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Can a conviction of 2 misdemeanors from 1 incident be vacated and how soon would one need begin the process if 3yrs have passed?

Seattle, WA |

If an individual received 2 misdemeanors from 1 incident (4th degree assault & Malicious Mischief - stemming from a bar fight in college), can that individual have his convictions vacated? Would both of the misdemeanors be vacated or only 1 of them?

At what point should this individual begin to hire an attorney to begin the process of having these convictions vacated? In 4-6 months, it will be 3 years since the date of the conviction for this individual. All court ordered requirements were completed within 3 months after the date of the conviction.

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Attorney answers 3


Yes, I believe if they are from the same incident, presumably under the same case number and the finding of guilt was at the same time, I believe you can move to vacate both. The statute allows for the vacation specifically of more than one dv charge if they are from the same incident. I see no reason why you would not be able to do the same in your situation. I'd be interested to see other opinions.

3 years after completing all of the sentencing obligations including paying off your fines, fees, restitution, etc. you can move the court to vacate.


My belief is that only one of those convictions can be vacated. To really begin the process, one must wait until 3 years have passed from the time the case is closed, and there are a list of requirements that must be fulfilled before the court would grant such a request. Consultation with an attorney would be wise on a case like this.


Some misdemeanors may be vacated from your record if you satisfy the WA statute (find it here: ). FYI, vacated means the court will nullify the plea of guilty, allow the defendant to enter a plea of not guilty and then dismiss the conviction. At that point, the person may say for all purposes that they have never been convicted, including on employment applications.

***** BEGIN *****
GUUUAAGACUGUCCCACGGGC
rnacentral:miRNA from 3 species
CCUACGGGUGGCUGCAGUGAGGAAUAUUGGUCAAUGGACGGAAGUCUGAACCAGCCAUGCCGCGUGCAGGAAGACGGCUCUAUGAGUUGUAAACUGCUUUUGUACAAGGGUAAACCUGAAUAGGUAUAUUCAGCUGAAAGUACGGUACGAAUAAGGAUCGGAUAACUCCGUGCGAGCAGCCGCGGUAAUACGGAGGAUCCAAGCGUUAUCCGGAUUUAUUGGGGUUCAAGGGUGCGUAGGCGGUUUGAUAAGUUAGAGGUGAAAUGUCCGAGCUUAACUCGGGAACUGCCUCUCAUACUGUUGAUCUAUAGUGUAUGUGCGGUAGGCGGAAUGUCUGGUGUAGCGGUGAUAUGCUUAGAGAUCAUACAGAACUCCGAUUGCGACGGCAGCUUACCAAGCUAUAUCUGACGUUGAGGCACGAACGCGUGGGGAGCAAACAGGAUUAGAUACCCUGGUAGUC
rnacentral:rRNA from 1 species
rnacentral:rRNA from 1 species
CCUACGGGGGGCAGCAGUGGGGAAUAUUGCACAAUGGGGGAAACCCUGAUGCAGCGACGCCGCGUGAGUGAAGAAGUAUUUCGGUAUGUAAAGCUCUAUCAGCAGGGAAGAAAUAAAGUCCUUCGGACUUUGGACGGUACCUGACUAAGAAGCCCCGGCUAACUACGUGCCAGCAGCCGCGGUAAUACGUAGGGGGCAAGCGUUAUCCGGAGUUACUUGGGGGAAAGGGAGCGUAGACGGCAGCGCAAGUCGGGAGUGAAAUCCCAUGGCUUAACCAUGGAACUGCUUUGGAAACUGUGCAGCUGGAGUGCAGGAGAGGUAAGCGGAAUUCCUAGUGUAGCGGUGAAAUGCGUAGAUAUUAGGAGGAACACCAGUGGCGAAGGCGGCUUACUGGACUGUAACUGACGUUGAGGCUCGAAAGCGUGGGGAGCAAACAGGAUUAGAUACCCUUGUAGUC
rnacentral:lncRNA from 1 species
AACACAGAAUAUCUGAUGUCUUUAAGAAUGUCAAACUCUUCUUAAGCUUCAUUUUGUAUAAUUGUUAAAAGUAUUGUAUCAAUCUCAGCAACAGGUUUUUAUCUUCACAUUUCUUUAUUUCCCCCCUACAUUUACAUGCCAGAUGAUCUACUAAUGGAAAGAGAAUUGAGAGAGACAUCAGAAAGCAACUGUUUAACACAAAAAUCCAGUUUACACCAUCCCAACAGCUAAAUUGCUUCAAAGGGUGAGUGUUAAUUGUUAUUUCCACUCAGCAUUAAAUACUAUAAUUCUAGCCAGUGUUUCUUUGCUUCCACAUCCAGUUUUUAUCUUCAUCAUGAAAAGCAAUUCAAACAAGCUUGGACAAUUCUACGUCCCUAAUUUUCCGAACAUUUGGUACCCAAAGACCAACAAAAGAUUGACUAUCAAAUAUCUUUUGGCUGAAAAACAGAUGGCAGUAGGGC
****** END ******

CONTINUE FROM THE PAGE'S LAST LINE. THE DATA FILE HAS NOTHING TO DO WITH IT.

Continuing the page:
Generally, the statute allows a misdemeanor to be vacated if:

(1) The applicant has no pending or new criminal charges, has never had a conviction vacated before, and does not have a current restraining, protection or no-contact order against them.


(2) The offense was not a violent offense (4th degree assault is not considered "violent" here), D.U.I., or sex offense and three or more years have passed since the person completed the terms of the original conditions of the sentence, including any financial obligations.

I believe it is an arguable position that both misdemeanors may be vacated-- if they have the same case number.

RCW 9.96.060 provides that: "An applicant may NOT have the record of conviction for a misdemeanor or gross misdemeanor offense vacated if: ... ...(g) The offender has been convicted of a NEW crime in this state, another state, or federal court since the date of conviction; [or] (h) The applicant has ever had the record of ANOTHER conviction vacated." (emphasis mine).

If the two misdemeanors are two separate counts with the same cause number, each conviction is neither a NEW crime, nor ANOTHER conviction-- thus allowing both counts to be vacated. I am not sure if that argument would work in practice, however.

Sorry for the technical answer. I too, would like to hear from other attorneys on this.

Anyway, based on your description alone, we can't be sure of your eligibility under this statute. However, If you are eligible, you can hire an attorney as soon as you would like to begin drafting the motions to vacate your conviction, and schedule the hearings.